Marissa: I have a sense that people really liked it in Kansas City, but I think that what we’re gaining here are ah-ha moments with the references to New York, like a reference to a location, and a kind of shared sense of, “Yeah, we know that space.”
Rinne: Right. We just had one talk back, and the Superstorm Sandy-ness of it didn’t come up that much, but it’ll be interesting to see how and if that plays out. I have said this to Marissa before, but it’s always been a play about how you move forward after something devastating happens. This notion of, can you move forward after something devastating happens? And how do some people do that, and who gets stuck and why? I feel that question about what one does after something devastating happens rings more clearly to me in the play. I certainly hear it more in terms of our current political climate, and I feel that present more.
Rinne: A friend did write something to me about how it’s so good to hear this play now. I feel that that’s what she was getting at, that there’s something, sadly, very alive in this moment right now. You’re unhappy about things as they are. How do you respond to that?
What was the impetus behind combining the 1911 Coney Island fire with Superstorm Sandy?
Rinne: I started thinking about this play so long ago. I mean, seven years ago, something like that. So I started working on this play before Superstorm Sandy happened. I was thinking about this play, and then I got this offer from Baltimore Center Stage. On their 50th anniversary, they asked 50 writers to write a monologue. I think the title of the monologue was “What is Your America?” I had just been starting to think about this play, so I said, “Okay, well let me dive in.” I wrote this monologue for Jaap telling this story [about the Coney Island fire], and then it turns into a pitch where he’s trying to get money out of somebody. So that’s how I entered into the play, and that was, I believe, before Superstorm Sandy happened. Then Superstorm Sandy happened, and when it happened, I had this ridiculous solipsistic reaction of, “Oh no, this has wrecked my play.” As soon as I had that reaction, fortunately, I also had the perspective to be able to say, “That is a very Jaap reaction, to take what’s happening in the universe and only see how it impacts your particular artistic process.” An artist needs a little bit of that narcissism, and needs a little bit of that [feeling of] “what I’m doing is so deeply important.” But perspective is also good. But as soon as I had that impulse of “Oh right, this is how he would feel about this,” it opened the door for me to be able to let that into the play. Then I had this amazing experience, in which I realized, “It’s going to be set a little bit after the storm.” So, I literally was out there in the days when these scenes were written. We had this really funny moment, where we were talking about something about the set, and I said, “Oh, I think I have pictures on my computer of this day on Coney Island. This day that I’m setting it on, I can show you what the dunes looked like then because they were all sort of beautiful and natural.” That was really fun.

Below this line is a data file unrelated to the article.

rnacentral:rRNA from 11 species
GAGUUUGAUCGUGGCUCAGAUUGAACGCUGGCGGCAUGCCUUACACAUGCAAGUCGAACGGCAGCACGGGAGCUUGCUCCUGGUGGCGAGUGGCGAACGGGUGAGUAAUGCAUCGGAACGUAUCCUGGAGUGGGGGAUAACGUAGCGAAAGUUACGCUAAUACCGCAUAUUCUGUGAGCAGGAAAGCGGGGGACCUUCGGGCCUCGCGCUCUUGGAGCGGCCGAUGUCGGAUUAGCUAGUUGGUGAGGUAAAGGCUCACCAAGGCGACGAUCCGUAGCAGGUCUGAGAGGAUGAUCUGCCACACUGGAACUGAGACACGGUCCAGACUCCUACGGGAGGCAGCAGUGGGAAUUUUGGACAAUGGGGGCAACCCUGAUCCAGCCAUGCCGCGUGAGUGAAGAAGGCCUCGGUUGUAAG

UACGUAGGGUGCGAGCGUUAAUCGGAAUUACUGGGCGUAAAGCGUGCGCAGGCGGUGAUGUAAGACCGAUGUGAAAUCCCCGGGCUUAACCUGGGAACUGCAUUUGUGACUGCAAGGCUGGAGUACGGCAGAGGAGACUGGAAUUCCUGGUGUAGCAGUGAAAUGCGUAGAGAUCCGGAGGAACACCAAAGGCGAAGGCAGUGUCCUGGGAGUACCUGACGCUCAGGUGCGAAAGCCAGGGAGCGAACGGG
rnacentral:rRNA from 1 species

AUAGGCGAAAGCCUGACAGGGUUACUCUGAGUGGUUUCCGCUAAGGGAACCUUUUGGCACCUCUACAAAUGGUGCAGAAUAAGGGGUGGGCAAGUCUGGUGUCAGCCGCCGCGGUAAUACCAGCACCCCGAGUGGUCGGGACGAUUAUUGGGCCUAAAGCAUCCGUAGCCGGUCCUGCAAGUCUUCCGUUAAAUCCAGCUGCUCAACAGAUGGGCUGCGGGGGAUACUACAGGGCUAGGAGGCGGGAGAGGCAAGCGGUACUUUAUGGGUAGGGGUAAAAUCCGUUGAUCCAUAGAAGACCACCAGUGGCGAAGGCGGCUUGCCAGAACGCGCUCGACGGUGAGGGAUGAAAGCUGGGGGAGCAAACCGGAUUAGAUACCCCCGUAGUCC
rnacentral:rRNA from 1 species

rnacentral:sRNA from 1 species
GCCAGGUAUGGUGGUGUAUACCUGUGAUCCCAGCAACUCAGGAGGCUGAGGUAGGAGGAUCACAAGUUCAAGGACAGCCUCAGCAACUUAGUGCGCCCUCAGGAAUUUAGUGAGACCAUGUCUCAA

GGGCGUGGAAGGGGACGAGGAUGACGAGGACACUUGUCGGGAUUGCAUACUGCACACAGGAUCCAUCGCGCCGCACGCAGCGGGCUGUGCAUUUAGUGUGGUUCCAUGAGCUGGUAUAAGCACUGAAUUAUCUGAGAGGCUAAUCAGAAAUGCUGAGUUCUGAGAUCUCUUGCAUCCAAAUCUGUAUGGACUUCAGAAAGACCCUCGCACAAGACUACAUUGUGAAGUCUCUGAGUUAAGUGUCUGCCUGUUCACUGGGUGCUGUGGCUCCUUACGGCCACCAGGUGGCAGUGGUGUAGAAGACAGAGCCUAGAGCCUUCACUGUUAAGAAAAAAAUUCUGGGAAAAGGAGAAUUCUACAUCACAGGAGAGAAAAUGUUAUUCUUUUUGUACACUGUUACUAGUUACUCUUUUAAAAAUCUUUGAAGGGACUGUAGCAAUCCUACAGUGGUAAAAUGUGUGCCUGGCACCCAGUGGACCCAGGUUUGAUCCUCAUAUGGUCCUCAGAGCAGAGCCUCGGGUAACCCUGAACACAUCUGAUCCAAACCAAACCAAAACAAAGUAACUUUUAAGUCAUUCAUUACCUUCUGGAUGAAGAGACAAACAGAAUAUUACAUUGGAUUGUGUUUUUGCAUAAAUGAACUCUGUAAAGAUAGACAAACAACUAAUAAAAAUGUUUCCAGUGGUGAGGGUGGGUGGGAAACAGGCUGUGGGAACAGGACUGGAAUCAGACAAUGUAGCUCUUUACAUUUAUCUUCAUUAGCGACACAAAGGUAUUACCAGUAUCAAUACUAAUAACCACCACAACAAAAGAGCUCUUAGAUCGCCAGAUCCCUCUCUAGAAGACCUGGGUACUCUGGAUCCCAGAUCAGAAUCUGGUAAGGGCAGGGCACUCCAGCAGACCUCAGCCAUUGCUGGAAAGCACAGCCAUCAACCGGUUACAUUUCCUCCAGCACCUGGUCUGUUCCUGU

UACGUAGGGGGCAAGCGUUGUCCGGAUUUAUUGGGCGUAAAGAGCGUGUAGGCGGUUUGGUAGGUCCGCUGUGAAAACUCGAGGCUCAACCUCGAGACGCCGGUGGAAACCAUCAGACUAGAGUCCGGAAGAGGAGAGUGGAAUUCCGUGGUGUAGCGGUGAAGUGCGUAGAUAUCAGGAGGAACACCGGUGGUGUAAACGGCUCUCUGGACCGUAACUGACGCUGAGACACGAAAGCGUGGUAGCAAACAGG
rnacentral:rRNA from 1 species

Marissa: You had gorgeous photos.
Rinne: That’s never ever happened to me before, that I was like, “Let me show you exactly what that day when this is supposed to be happening looked like.” I think that, perhaps, there was a time when I thought it would be evenly weighted between 1911 and the present, and that there would be more telling of that  story, or an acting out of that story. Superstorm Sandy grabbed ahold of the play and said, “Let’s be in the present or in the near past.” I joke now that it is sort of a historical play, but in a different way than I thought it would be.
You mentioned earlier that Fire in Dreamland is a memory play. One of the creative choices that really stood out to me was the use of the slate [that the character of Lance clacks to signify flashbacks, scenes changes, etc.].
Rinne: Yeah. We call it the clacker.
It seemed like such a clever way to meld these two different mediums of theatre and film. Was the clacker a narrative device that the two of you came up with together as you worked through how to tell this cinematic story on a stage?
Marissa: That’s all Rinne.
Rinne: Well, from the beginning, I [told myself], “If you’re writing a play about a film, you need to let that inform the telling in some way.” So, the clacking was, on the page, an early conceptual thing about how to structure this event. We have had a lot of conversations about, “Well, what else can we do? How else can we play with that?”